But discoveries in the 21st century have strongly supported the long-ago presence of water on a Mars in the form of river valleys, lakes and a water cycle to feed them.  The work done by the Curiosity rover and Mars-orbiting satellites has made this abundantly clear.

An ocean in the northern lowlands is one proposal made to explain how the water cycle was fed.

And now, In a new paper in Journal of Geophysical Research: Planets,  scientists from Japan and the United States have presented modelling and analysis describing how and why Mars had to have a large ocean early in its history to produce the geological landscape that is being found.

Lead author Ramses Ramirez, a planetary scientist with the Earth-Life Science Institute in Tokyo, said it was not possible to determine how long the ocean persisted, but their team concluded that it had to be present  in that early period around 4 billion to 3.5 billion years ago.  That is roughly when what are now known to be river valleys were cut in the planet’s southern highlands.… Read more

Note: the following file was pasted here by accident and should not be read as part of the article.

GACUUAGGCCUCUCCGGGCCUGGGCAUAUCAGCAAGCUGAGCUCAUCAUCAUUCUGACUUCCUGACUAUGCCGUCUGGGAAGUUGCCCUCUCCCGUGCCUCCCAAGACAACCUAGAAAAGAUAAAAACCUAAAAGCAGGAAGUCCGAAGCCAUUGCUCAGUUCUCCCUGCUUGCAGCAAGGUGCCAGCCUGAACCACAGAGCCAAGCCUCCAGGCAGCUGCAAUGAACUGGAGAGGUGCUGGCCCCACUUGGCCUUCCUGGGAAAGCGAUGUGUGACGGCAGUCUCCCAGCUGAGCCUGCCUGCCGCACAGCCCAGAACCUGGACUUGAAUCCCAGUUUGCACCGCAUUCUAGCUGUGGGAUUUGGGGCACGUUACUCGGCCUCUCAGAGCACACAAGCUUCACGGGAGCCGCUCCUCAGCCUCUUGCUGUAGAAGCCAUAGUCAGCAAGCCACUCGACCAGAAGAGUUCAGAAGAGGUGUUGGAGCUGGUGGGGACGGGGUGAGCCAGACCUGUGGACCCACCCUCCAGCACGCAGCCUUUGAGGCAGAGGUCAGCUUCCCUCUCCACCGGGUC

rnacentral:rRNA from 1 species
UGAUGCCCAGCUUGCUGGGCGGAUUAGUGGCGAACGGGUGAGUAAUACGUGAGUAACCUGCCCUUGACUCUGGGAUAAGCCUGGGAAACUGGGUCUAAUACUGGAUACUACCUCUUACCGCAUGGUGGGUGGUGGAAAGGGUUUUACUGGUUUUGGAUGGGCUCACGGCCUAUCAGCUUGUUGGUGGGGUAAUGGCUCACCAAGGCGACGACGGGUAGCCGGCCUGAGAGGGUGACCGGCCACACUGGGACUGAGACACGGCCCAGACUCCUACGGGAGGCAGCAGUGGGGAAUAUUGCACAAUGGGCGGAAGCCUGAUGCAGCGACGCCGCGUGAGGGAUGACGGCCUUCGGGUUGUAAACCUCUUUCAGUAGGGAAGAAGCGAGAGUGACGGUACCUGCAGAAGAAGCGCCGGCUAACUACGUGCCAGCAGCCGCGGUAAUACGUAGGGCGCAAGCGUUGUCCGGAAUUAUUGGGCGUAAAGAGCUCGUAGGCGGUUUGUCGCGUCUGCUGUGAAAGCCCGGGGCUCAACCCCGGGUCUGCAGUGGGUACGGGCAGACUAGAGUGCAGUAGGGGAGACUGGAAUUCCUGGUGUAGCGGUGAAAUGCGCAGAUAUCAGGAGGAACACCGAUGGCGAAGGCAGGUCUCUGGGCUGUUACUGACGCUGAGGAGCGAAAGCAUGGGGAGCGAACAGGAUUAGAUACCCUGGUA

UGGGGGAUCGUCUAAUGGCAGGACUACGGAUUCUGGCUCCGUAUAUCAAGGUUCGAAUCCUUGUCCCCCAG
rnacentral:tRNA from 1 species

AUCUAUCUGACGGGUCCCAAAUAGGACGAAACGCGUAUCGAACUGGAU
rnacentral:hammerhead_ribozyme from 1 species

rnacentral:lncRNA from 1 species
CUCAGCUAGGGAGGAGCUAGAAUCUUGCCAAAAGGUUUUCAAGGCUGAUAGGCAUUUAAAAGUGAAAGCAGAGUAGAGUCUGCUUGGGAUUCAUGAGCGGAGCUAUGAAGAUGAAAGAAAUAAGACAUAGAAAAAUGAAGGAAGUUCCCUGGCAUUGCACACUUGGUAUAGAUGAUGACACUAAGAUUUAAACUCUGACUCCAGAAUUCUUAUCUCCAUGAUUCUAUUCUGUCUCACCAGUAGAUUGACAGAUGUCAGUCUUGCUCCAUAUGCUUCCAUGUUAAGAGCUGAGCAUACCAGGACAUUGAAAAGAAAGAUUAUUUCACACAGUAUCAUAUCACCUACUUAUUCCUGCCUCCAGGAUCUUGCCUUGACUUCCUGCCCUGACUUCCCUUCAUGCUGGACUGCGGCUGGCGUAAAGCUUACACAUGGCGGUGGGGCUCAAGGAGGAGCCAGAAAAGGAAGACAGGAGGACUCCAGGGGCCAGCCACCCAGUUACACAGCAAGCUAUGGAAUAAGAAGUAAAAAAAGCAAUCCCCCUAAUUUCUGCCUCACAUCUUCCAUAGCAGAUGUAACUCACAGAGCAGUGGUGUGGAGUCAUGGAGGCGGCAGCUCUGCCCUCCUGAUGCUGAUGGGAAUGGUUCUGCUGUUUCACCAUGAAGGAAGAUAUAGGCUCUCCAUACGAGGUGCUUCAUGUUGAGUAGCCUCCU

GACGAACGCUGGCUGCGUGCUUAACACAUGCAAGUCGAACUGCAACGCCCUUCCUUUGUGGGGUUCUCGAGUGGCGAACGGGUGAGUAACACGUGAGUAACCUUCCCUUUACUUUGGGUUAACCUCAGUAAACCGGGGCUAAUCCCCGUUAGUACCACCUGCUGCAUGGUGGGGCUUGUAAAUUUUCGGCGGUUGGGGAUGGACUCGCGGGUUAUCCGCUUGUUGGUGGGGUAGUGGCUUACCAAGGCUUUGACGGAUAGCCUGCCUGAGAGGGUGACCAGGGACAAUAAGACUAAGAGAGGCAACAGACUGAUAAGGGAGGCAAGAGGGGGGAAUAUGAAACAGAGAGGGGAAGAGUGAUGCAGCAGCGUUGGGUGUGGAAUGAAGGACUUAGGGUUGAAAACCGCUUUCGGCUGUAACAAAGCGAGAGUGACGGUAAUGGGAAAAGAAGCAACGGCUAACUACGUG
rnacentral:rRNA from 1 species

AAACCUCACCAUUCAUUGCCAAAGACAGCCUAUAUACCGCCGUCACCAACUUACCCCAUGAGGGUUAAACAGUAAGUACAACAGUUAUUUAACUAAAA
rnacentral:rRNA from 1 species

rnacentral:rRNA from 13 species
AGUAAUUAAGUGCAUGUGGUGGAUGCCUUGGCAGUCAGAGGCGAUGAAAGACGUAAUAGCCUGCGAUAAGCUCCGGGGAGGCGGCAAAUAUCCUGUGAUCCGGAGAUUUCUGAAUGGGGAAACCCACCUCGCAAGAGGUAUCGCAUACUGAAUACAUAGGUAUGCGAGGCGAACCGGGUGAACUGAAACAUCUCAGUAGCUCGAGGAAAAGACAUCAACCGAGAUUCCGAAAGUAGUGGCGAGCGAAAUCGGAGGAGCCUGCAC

How Long Were the Wet Periods on Early Mars, and Was That Water Chemically Suitable For Life?

 

An artist rendering, based on scientific findings, of Gale Crater in Mars during one of its ancient, wet periods. (NASA)

There is no doubt that early Mars had long period of warmer and much wetter climates before its atmosphere thinned too much to retain that liquid H20 on the surface.

As we know from the Curiosity mission to Gale Crater and other orbital findings, regions of that warmer and wetter Mars had flowing water and lakes periodically over hundreds of millions of years.  That’s one of the great findings of planetary science of our times.

But before approaching the question of whether that water could have supported life, a lot more needs to be known than that water was present.  We need answers to questions like how acidic or basic that water likely was?  Was it very salty? Did it have mineral and elemental contents that could provide energy to support any potential life?